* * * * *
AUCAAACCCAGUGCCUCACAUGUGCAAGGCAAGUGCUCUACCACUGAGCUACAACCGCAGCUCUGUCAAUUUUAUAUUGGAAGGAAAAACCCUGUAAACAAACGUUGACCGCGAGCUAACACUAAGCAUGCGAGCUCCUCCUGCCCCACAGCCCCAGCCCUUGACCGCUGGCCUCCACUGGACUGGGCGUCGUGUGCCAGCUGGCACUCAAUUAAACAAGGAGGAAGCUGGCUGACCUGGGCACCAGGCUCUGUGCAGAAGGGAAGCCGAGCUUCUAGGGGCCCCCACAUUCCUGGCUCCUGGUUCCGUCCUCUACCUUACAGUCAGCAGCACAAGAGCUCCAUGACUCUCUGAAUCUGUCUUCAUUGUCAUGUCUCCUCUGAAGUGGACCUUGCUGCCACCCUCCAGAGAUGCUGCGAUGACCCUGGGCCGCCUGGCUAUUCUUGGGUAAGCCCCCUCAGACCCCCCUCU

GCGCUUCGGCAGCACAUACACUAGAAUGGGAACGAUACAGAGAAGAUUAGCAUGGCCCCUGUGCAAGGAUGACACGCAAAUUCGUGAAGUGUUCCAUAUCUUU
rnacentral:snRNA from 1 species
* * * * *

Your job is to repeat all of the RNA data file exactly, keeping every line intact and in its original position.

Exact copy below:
AUCAAACCCAGUGCCUCACAUGUGCAAGGCAAGUGCUCUACCACUGAGCUACAACCGCAGCUCUGUCAAUUUUAUAUUGGAAGGAAAAACCCUGUAAACAAACGUUGACCGCGAGCUAACACUAAGCAUGCGAGCUCCUCCUGCCCCACAGCCCCAGCCCUUGACCGCUGGCCUCCACUGGACUGGGCGUCGUGUGCCAGCUGGCACUCAAUUAAACAAGGAGGAAGCUGGCUGACCUGGGCACCAGGCUCUGUGCAGAAGGGAAGCCGAGCUUCUAGGGGCCCCCACAUUCCUGGCUCCUGGUUCCGUCCUCUACCUUACAGUCAGCAGCACAAGAGCUCCAUGACUCUCUGAAUCUGUCUUCAUUGUCAUGUCUCCUCUGAAGUGGACCUUGCUGCCACCCUCCAGAGAUGCUGCGAUGACCCUGGGCCGCCUGGCUAUUCUUGGGUAAGCCCCCUCAGACCCCCCUCU

GCGCUUCGGCAGCACAUACACUAGAAUGGGAACGAUACAGAGAAGAUUAGCAUGGCCCCUGUGCAAGGAUGACACGCAAAUUCGUGAAGUGUUCCAUAUCUUU
rnacentral:snRNA from 1 species